As a public broadcaster, we have special responsibilities. If private-sector television stations were required to drop their American programming in prime time, they would go out of business. It can cost 10 times as much to produce a Canadian drama as to import an hour of American television. There is nothing inherently good or bad about that. It is, however, a large part of why the CBC exists.
If French-language radio stations with razor-thin profits had to finance serious radio journalism, they would also go out of business. That, too, is a real reason why the CBC exists.
The CBC can and must accept the challenges of broadcasting programming that others cannot put on. We can and must offer a broadcast schedule designed in Canada. We can and must ensure healthy, Canadian-based programmes for Canadian children. We can and must celebrate the arts in Canada. We can and must put Canadians in touch with each other across the barriers of geography, culture and language.
Those are the touchstones that will keep the CBC relevant to Canadians. That is the basis on which we will work to earn our way with Canadians every day.
Let me give you an example of our ability to bring Canadians together. Today we are announcing Remembering Canada at War; a slate of special programming that pays tribute to Canada's war veterans. Between May 9 and June 15, CBC Television will run a series of 11 outstanding documentaries, news specials and drama. It will include, among others, "VE-Day Remembered," "D-Day Plus Fifty," "Forgotten Warriors," "No Price Too High," and "Dieppe." Our goal is to help audiences better understand the extraordinary contributions made by Canadians at a critical period in the world's history. No other broadcaster could or would broadcast such a series to a national audience of this size. But no other broadcaster has either our resources or our responsibilities.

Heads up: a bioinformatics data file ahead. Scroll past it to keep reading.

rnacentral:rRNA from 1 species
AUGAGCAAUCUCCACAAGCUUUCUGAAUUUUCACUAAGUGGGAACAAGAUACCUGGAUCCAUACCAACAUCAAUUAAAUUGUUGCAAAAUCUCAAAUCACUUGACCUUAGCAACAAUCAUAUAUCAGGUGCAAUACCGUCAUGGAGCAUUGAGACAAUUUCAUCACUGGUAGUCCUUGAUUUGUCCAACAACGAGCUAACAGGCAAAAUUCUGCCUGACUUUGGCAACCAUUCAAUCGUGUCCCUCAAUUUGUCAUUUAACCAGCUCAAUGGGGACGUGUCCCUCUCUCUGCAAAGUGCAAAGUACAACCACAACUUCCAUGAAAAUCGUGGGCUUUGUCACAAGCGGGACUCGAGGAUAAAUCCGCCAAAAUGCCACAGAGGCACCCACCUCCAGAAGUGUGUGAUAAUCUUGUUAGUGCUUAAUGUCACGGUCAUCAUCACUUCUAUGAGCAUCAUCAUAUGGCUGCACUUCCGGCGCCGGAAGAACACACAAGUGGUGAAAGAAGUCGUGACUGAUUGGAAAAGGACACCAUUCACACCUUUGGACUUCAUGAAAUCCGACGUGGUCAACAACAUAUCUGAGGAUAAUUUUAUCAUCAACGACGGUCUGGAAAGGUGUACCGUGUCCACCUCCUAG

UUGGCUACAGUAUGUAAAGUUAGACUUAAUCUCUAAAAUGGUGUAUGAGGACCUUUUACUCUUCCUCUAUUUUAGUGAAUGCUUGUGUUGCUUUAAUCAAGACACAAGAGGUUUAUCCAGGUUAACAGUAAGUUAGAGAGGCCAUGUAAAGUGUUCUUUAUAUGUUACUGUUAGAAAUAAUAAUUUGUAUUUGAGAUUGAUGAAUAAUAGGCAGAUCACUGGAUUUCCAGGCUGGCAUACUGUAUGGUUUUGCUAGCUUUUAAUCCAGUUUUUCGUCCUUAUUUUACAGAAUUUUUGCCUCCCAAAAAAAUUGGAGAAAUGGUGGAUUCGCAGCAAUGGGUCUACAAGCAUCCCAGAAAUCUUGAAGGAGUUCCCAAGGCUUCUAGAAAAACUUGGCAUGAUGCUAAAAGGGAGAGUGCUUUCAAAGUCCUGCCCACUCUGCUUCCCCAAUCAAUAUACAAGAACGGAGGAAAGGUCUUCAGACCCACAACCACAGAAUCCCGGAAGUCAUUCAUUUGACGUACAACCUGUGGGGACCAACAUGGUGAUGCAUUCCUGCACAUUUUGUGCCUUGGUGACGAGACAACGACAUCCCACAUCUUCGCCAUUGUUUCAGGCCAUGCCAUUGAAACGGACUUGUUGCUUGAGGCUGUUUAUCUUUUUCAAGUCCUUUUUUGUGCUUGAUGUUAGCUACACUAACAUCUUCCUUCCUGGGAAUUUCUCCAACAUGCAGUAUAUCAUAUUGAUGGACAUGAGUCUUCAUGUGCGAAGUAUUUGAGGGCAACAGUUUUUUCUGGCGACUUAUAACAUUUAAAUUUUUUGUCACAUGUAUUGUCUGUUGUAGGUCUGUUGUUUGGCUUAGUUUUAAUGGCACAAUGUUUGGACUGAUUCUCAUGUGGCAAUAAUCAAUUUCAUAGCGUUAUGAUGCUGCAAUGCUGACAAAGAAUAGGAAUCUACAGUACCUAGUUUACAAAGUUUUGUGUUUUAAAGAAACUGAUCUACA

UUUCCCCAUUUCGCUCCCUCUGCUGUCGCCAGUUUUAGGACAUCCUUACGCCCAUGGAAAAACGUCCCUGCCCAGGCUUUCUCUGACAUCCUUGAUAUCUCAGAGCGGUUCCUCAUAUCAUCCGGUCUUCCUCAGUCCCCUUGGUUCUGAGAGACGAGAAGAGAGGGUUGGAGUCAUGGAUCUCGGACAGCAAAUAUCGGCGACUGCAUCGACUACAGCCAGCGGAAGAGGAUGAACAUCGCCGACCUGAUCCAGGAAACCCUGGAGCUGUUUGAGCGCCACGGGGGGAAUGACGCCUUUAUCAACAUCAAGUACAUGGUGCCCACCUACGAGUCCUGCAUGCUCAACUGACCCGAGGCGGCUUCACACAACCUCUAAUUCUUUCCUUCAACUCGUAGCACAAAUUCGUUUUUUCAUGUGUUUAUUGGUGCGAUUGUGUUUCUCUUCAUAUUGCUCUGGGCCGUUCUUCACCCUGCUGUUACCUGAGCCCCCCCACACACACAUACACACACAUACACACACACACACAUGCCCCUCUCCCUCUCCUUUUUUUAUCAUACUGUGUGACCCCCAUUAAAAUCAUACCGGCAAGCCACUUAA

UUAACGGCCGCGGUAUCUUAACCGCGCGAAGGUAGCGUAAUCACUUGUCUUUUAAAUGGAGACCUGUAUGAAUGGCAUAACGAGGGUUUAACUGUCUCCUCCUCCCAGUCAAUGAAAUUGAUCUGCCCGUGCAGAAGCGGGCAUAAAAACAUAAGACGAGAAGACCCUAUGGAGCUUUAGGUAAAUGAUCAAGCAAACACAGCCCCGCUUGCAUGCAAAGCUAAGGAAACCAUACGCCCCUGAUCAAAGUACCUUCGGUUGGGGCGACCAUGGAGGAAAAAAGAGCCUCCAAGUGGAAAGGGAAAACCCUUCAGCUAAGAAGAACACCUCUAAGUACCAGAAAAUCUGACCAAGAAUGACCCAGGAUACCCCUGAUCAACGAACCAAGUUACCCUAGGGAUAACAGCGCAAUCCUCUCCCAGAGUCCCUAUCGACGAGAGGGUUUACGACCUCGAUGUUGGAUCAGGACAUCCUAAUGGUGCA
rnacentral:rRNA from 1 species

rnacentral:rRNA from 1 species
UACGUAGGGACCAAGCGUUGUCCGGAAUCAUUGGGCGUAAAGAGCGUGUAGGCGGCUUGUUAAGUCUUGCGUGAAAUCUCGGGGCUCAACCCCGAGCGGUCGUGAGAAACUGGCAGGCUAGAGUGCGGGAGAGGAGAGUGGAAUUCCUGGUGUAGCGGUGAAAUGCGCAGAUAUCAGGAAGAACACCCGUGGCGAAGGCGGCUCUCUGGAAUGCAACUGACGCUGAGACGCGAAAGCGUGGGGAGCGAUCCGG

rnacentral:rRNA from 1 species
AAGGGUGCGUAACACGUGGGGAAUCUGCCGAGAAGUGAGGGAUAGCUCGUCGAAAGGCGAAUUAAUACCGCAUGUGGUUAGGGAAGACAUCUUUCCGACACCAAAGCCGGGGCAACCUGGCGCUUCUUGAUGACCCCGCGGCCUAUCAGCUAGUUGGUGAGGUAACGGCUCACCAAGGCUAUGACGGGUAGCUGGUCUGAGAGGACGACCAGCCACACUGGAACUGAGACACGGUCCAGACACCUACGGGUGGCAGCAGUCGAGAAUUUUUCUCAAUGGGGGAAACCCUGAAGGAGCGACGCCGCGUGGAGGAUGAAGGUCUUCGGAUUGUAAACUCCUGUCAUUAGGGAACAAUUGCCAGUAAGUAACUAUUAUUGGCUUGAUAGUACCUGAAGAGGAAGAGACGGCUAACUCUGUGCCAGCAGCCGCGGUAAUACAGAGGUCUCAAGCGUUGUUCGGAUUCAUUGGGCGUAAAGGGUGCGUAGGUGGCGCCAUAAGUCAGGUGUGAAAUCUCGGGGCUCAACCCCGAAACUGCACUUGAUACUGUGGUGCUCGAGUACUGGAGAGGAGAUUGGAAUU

The CBC has always been at its worst when it tried to copy somebody else. It has always been at its best when breaking the mould by pioneering with "As It Happens," the live double-ender interview, "La Petite Vie" or "This Hour Has 22 Minutes." To secure our future, we need to play by our own rules, not Hollywood's.
To be identifiably and innovatively Canadian is at the heart of the ongoing move to Canadianise CBC English television throughout the entire day every day. That's why it is our plan next fall to replace almost 1,000 hours of programming a year. It will not be easy but we will do so with extraordinary enthusiasm.
We are going Canadian because it is what we do best. It is what people search us out for. It is what makes us distinct. And it is what Canadians want and the country needs.
Sometimes people like to point nostalgically to the past as the Golden Age of Canadian broadcasting. I believe that the best years of Canadian broadcasting are not behind us: We are living in them right now.
When we were packing up our old head office in Ottawa, we found a milk glass that the CBC distributed during Canada's centennial year. Printed on the glass is the schedule for our English Television network. The highlights are such shows as "The Beverly Hillbillies," "Ed Sullivan," "Get Smart," "Red Skelton," "Green Acres," "Bob Hope Theatre," "The Man from Uncle," "Rat Patrol," "Hogan's Heroes," and "Bonanza." No doubt they were all great shows, but they were shows reflecting someone else's culture and values, not ours.
I am saving this glass, and I will use it to drink a toast when we complete full Canadianisation of our English TV schedule. That is when we will finally have done our part to accomplish Aird's vision from seven decades ago.
The Canadian broadcasting system is built on two complementary pillars, one private, the other public. If either were lost, the whole structure would be weakened.